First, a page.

Jennifer Miller
Freelance Writer
March 21, 2017 // Bishop

Bishop speaks on ‘Truth in Charity’ at Christ the King

Jennifer Miller
Freelance Writer

“It doesn’t take much effort to see division, empty promises, fear and anger in our society. However, as a church, we know that a deep and personal relationship with Jesus, who is the Truth, leads to a life of unity, charity, joy and freedom,” Megan Bazler Urbaniak, director of adult faith formation at Christ the King Parish in South Bend, explained. “We begin to live a life of the beatitudes, a life where we see Christ in others and draw others to the healing and charitable love of Christ.”

Urbaniak organized the Christ the King Parish Lenten mission, which took place March 12-14. “We first considered choosing “Truth in Charity” because it’s Bishop Rhoades’ episcopal motto. As the planning committee spent time in prayer, we began to realize how important and timely a reflection on God’s truth and charity is. The psalms, readings, prayers and music we selected were carefully and prayerfully chosen as we each explored the need for more authentic truth and charity in the world.”

After a parish potluck meal Sunday night, Bishop Kevin C. Rhoades began the Christ the King parish mission, leading evening vespers and preaching. The Gospel that evening was the Beatitudes, from Matthew 5:1-15.

Bishop Kevin Rhoades preaches at evening vespers, which began a Lenten retreat at Christ the King Parish March 14. He spoke on the theme “Truth in Charity.”

He started his reflection by sharing the memory of how he chose his episcopal motto, Truth in Charity or “Veritatem in caritate,” in Latin. He was Rector of Mount Saint Mary’s Seminary in Emmitsburg, Md., at the time, when he received the call that he was being appointed a bishop, the bishop of Diocese of Harrisburg, Pa. The motto comes from chapter four of St. Paul’s letter to the Ephesians, verse 15, which reads: “living the truth in love, we should grow in every way into Him who is the head, that is, Christ.” Bishop Rhoades explained, “He (St. Paul) urges them to live in the truth out of a desire for the good of others, acting in love. In our speech and our conduct, when we are truthful, sincere and motivated by love, we grow into maturity in Christ. Christ is our goal and our life is to be “in Him.” He is the head of the church. It is from Christ that we receive the truth and it is from Christ that we learn to love.”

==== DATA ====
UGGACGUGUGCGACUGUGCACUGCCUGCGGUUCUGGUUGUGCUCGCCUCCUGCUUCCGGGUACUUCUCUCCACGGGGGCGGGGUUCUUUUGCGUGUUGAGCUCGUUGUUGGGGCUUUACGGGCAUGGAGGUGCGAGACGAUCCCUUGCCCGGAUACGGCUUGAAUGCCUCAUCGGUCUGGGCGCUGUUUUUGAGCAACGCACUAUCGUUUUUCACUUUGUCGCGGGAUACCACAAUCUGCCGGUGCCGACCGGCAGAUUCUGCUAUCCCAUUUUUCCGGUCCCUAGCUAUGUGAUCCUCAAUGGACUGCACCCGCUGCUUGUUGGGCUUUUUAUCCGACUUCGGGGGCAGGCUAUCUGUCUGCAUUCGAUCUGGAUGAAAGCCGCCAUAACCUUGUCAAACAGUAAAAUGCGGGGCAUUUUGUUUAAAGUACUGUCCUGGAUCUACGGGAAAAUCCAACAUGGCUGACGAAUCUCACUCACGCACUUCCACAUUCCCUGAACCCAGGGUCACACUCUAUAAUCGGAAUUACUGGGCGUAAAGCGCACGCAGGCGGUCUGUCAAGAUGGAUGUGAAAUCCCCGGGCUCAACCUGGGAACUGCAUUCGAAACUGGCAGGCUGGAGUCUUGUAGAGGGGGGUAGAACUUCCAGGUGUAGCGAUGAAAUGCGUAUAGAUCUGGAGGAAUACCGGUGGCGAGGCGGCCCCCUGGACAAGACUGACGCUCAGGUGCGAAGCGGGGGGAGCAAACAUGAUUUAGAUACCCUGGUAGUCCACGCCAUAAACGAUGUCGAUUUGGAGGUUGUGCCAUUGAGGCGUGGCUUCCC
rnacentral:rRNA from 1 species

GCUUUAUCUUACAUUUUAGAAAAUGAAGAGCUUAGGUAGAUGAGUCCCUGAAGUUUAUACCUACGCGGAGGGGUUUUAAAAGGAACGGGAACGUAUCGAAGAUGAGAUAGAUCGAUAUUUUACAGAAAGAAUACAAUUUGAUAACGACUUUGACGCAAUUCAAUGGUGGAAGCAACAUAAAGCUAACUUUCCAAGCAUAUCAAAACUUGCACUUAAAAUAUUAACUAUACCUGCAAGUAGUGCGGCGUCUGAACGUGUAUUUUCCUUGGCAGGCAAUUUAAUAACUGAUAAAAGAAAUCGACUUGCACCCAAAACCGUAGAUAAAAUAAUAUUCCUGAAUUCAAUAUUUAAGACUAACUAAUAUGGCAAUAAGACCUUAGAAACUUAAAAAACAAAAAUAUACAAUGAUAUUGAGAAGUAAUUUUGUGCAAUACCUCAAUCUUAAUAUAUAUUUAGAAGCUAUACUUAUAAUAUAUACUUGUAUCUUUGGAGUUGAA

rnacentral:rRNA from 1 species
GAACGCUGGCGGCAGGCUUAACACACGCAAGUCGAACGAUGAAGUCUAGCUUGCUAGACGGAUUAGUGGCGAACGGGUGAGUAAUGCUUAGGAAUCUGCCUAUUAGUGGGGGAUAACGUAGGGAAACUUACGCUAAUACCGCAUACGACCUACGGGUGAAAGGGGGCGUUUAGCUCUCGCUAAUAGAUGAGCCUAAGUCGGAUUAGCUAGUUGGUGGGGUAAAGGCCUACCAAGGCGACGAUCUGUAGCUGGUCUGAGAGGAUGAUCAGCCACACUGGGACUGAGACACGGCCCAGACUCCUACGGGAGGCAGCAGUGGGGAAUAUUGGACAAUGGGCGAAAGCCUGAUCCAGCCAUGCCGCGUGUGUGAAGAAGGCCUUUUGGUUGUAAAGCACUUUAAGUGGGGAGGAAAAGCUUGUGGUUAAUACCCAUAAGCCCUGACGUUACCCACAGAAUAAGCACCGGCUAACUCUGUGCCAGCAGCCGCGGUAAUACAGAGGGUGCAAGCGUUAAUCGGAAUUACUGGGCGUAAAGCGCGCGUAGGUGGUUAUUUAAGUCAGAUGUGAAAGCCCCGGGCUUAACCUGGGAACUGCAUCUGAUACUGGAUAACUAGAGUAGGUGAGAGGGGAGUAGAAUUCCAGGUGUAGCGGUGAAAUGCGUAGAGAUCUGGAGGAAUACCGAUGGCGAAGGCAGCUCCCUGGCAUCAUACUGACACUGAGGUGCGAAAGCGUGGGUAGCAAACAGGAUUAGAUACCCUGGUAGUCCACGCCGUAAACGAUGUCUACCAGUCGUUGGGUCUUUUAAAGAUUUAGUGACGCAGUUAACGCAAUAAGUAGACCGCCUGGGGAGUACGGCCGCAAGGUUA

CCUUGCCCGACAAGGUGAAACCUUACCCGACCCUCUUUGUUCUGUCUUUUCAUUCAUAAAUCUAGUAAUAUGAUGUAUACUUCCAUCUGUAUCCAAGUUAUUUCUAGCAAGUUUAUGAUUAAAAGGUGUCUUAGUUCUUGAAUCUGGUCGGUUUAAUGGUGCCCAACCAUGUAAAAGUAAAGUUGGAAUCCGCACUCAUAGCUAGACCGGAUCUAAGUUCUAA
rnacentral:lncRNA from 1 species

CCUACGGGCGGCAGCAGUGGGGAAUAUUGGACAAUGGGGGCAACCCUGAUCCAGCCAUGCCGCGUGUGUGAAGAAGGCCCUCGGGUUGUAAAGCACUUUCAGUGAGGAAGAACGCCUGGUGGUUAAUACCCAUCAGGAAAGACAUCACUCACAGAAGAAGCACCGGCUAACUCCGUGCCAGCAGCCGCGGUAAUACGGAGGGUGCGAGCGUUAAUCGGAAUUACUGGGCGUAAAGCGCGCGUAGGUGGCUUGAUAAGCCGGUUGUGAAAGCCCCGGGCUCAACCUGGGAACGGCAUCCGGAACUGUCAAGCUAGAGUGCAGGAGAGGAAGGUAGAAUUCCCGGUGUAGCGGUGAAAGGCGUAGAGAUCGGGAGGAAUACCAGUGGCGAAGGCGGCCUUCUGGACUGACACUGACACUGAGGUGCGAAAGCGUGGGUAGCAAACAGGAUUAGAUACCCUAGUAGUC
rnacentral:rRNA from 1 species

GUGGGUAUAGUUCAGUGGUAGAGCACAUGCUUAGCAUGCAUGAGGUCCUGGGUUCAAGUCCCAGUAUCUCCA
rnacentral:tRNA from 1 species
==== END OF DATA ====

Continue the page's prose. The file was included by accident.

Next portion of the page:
Next, Bishop Rhoades connected the motto and theme of the parish mission with the Beatitudes, “the beginning of Jesus’ Sermon on the Mount.”

“I can’t think of a better instruction on how to live the truth in love. The Beatitudes are at the very heart of the teaching of Jesus,” he said.

“The wonderful blessings and reward proclaimed in the Beatitudes: possessing the kingdom of heaven, inheriting the earth, seeing God face to face…. These are descriptions of eternal life, communion with God in heaven, which is our ultimate end and perfect happiness. We can have a taste of that happiness here on earth when we live the Beatitudes.”

He continued by going into detail about how Jesus Himself first lived the Beatitudes, how Mary was connected to them and how the faithful could choose to follow Jesus by living these sacred words.

“The Beatitudes are really the program of life of the Christian. They free us from the false values that surround us in the world. They show us what it means to live in the truth, to live in Christ who is the truth.”

By connecting the life and words of Christ, Bishop Rhoades invited everyone to come closer to God in a fatherly way. “The Beatitudes are words of truth. They are a kind of self-portrait of the One who is Truth Incarnate, Jesus. And they are to be the portrait of His followers, His disciples.

“They also paint us a picture of what God’s grace can accomplish in us if we run to Him in repentance and ask Him to accomplish what He died to give us. The Beatitudes have a revolutionary power,” he shared. “I can’t think of a better Lenten practice than reading, studying, praying over the Beatitudes every day. They are the rules for a Christian revolution.”

Other speakers for the remainder of the Christ the King Lenten retreat were Tami Schmitz, campus minister at the University of Notre Dame, and Father John Herman, CSC, superior and rector of Moreau Seminary. A parish penance and reconciliation service closed the retreat on Tuesday evening.

Father Steve Lacroix, CSC, pastor of Christ the King parish, shared: “We chose the theme “Truth in Charity” because it’s a message that we really need to hear. So often when people disagree about important things, they stop treating each other with charity. And the flip side of that is that people often back away from speaking difficult truths because they don’t want to appear self-righteous. The bishop did a great job of reminding us that Christians have to do both. There is no truth without charity, and there is no charity without truth.”

“I hope that everyone walked away from the retreat with a little more energy and enthusiasm for their Lenten prayer, fasting and almsgiving,” Father Lacroix added.


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